Chad Lee, Extension Agronomist, University of Kentucky
The dry weather is expanding across the state according to the drought monitor posted on Aug. 16, 2011. About 50 percent of the state - and 90 percent of the grain crops area - fall into the "Abnormally Dry" category. The map from a week earlier estimated that about 17 percent of the state was in the same category. Similar trends can be seen across the Midwest as well.
Only half of the Kentucky corn crop was at the dough stage and 56 percent of Kentucky soybeans were setting pods for the same reporting period. This dry weather is coming at a bad time for seed fill in both crops. Corn in dry conditions will continue to pull resources from the stalks and give them to the seeds. Seed fill will be smaller and lighter. Soybeans will abort pods or may limit seed fill.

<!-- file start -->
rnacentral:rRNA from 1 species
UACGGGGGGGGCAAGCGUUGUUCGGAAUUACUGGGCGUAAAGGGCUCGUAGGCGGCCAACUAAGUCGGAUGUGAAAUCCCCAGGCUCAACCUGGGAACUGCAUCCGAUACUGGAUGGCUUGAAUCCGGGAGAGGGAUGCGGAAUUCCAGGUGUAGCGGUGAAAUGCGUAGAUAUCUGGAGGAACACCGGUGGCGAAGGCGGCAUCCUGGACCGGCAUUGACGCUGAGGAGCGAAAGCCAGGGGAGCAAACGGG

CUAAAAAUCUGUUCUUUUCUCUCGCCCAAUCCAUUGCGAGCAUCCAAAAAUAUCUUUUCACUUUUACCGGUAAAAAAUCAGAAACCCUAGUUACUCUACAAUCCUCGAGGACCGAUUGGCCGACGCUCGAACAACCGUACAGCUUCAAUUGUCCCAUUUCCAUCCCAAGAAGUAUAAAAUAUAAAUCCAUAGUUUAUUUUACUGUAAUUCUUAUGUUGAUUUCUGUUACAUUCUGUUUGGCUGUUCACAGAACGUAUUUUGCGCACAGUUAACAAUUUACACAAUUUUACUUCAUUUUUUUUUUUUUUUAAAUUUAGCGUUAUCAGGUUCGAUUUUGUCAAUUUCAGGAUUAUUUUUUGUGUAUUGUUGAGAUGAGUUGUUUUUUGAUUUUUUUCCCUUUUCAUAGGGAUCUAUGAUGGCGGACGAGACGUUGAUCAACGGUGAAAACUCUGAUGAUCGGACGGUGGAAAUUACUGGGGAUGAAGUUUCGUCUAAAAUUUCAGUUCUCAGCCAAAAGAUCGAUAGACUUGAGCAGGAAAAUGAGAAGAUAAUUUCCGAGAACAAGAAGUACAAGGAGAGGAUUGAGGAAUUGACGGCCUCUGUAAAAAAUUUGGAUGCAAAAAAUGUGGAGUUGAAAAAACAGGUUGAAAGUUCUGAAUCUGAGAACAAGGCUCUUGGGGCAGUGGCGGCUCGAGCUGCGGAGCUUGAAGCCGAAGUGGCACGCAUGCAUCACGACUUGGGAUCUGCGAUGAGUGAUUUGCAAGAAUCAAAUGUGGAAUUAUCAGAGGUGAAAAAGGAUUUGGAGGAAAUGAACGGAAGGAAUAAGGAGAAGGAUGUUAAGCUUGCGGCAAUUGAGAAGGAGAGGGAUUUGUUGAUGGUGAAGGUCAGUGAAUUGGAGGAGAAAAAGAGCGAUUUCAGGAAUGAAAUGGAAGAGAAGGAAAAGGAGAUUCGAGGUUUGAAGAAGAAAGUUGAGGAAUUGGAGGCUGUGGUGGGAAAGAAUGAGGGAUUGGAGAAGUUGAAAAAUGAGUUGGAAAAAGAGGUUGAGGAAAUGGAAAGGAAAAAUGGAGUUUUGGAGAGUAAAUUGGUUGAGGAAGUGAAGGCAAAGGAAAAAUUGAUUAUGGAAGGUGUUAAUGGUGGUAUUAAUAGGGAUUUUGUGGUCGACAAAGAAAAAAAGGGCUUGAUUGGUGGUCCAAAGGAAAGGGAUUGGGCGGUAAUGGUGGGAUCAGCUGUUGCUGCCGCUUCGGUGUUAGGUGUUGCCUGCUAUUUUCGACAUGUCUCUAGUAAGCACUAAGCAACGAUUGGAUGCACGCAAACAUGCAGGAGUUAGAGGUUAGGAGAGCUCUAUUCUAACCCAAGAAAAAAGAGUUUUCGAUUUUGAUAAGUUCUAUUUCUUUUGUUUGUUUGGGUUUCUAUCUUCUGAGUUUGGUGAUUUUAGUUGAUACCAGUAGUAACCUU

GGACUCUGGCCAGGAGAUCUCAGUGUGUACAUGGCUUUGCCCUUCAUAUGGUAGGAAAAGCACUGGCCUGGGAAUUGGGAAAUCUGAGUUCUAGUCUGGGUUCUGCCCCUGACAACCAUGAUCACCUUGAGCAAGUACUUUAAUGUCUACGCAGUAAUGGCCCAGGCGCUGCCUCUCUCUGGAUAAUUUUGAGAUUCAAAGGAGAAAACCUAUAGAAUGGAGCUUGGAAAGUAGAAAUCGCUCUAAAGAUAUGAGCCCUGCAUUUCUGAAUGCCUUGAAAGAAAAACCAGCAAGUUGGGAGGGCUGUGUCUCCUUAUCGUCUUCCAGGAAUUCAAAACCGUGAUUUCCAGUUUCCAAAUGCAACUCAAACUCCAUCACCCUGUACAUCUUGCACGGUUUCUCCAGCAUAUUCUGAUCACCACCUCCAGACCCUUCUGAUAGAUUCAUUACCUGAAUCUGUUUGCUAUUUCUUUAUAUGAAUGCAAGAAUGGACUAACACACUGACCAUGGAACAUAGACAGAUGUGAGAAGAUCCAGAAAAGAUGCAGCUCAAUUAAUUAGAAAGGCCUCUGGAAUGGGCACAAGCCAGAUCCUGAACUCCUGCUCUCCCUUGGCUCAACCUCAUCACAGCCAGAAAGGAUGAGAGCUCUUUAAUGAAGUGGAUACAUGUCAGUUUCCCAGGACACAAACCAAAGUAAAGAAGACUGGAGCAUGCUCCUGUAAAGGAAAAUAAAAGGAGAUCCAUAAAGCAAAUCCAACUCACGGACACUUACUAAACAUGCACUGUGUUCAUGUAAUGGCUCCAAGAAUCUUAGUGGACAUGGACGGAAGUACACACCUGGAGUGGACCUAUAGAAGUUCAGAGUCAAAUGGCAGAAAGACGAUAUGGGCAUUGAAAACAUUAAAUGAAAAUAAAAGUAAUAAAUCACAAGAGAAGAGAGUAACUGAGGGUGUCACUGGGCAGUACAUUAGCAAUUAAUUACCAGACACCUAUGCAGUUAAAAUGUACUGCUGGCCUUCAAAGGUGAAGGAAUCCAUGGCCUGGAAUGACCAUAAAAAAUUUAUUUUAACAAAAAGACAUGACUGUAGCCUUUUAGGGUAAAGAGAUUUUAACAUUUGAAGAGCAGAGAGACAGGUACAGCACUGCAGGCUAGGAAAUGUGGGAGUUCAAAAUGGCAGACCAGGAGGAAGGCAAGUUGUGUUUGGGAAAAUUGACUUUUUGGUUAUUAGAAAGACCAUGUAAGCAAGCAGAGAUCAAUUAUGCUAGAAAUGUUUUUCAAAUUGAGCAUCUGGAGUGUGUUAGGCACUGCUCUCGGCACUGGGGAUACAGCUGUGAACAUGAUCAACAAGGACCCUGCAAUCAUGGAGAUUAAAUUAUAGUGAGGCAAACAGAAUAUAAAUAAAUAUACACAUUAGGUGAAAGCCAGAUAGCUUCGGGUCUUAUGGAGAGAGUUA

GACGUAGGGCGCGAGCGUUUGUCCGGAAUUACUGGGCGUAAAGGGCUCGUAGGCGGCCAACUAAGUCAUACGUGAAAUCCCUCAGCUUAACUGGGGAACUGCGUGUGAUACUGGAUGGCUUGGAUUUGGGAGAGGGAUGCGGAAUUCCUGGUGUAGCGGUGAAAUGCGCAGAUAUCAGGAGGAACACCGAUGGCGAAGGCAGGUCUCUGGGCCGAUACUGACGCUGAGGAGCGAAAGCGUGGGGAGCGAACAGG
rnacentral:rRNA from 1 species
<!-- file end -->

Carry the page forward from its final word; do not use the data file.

In general, corn is closer to full maturity than soybean. Rains at this point will be good for both crops, but soybeans have more potential to gain yield than corn. The strong commodity prices were storng incentives to price a portion of the crop. This is a good year to walk fields and assess the yield potential.
Estimating corn yields
Estimating soybean yields